If you’re looking to track your daily activity, you may not need to buy an expensive fitness tracker, as a new study from the University of Pennsylvania shows that your iPhone is just as accurate at tracking activity as a dedicated wearable device.
“In this study, we wanted to address one of the challenges with using wearable devices: they must be accurate,” said Penn medical student and lead study author Meredith A. Case, BA. “After all, if a device is going to be effective at monitoring — and potentially changing — behavior, individuals have to be able to trust the data. We found that smartphone apps are just as accurate as wearable devices for tracking physical activity.”
To gather data for the study, researchers equipped 14 subjects with up to 6 wearable devices: a Digi-Walker SW-200 pedometer, the Fitbit Zip and One clip-on trackers and a Flex wristband, Jawbone’s Up24, and the Nike Fuelband. In addition, an iPhone 5s running the Fitbit app, Withings’s Health Mate app, and ProtoGeo Oy’s Moves app was placed in one pocket, while in the other pocket sat a Samsung Galaxy S4 running Moves on Android.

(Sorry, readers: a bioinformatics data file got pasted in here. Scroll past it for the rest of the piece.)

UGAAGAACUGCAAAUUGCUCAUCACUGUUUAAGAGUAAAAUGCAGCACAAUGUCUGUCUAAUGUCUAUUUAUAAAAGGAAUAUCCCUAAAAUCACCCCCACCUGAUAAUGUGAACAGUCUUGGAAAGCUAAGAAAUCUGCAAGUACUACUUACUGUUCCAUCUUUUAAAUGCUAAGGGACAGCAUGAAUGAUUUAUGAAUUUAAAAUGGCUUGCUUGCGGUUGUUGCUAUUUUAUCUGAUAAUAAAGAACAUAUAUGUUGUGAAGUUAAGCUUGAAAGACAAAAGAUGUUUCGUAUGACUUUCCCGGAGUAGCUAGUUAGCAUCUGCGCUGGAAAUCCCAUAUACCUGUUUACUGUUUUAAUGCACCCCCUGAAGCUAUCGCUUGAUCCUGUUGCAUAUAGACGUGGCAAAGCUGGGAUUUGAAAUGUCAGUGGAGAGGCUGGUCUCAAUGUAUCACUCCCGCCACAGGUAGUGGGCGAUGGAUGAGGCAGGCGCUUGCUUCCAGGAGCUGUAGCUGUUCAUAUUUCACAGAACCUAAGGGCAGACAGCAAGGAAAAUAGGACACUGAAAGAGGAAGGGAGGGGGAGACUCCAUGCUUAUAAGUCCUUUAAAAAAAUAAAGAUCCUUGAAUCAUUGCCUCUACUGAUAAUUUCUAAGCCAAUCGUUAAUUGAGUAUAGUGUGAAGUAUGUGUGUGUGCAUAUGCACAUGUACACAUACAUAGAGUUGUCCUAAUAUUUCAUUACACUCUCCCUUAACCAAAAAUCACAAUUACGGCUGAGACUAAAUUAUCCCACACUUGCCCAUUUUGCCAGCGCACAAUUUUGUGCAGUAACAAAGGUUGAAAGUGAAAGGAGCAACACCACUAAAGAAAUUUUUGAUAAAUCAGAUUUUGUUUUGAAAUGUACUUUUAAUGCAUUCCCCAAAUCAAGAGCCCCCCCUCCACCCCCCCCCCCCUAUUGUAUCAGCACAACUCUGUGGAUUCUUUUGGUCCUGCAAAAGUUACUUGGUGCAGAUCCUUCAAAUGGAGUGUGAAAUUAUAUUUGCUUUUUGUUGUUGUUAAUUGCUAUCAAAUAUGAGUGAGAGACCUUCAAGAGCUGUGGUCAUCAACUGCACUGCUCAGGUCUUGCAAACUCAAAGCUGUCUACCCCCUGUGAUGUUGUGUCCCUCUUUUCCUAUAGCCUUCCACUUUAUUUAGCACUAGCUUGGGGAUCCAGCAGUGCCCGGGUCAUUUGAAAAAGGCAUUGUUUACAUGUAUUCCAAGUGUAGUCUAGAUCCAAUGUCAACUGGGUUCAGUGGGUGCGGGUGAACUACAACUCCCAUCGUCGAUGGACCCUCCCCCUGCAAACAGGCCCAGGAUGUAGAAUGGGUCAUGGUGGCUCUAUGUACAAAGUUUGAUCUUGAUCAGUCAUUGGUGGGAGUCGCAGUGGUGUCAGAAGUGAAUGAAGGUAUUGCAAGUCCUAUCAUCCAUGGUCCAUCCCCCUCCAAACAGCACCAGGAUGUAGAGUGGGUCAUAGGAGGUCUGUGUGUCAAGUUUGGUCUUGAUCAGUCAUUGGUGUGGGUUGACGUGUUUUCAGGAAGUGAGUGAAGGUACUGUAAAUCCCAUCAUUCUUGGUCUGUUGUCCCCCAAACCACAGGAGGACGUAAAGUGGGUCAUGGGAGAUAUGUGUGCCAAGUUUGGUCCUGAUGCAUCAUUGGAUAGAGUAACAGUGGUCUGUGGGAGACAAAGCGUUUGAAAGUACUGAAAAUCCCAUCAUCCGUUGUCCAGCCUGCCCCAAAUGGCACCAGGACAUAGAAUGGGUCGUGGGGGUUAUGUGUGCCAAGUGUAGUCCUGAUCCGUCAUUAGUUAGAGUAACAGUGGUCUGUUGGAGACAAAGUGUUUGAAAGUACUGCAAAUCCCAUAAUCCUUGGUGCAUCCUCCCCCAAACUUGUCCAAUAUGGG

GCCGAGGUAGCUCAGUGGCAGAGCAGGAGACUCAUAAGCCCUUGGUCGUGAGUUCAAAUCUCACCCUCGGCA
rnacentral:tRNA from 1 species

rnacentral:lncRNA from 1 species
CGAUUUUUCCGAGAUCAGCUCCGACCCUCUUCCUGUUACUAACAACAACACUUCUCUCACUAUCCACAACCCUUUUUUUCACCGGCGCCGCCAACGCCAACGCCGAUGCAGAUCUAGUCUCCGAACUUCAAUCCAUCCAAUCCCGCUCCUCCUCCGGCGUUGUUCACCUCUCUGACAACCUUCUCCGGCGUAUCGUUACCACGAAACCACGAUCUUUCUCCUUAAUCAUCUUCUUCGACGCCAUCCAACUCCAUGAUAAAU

Each participant then walked on a treadmill at 3 miles per hour, twice each for 500 steps and 1,500 steps. The smartphone apps showed a relative difference of -6.7 percent to 6.2 percent difference form the steps the researchers observed the participants taking, while the wearables ranged -22.7 percent to -1.5 percent.
The numbers show the Nike’s Fuelband measurements as off the most, with Jawbone’s Up24 and Fitbit’s Flex showing the second and third-largest deviations. The Fitbit Zip and One were close to perfect.
Apple’s iPhone 5s and iPhone 6 and iPhone 6 Plus all include a motion coprocessor which constantly tracks a user’s motion and steps, and feeds the data to the built-in iOS 8 Health app. A number of apps in the App Store also access this same data.
Apple’s soon to be released Apple Watch also includes a built-in accelerometer, and will have the capability to track steps and body movement.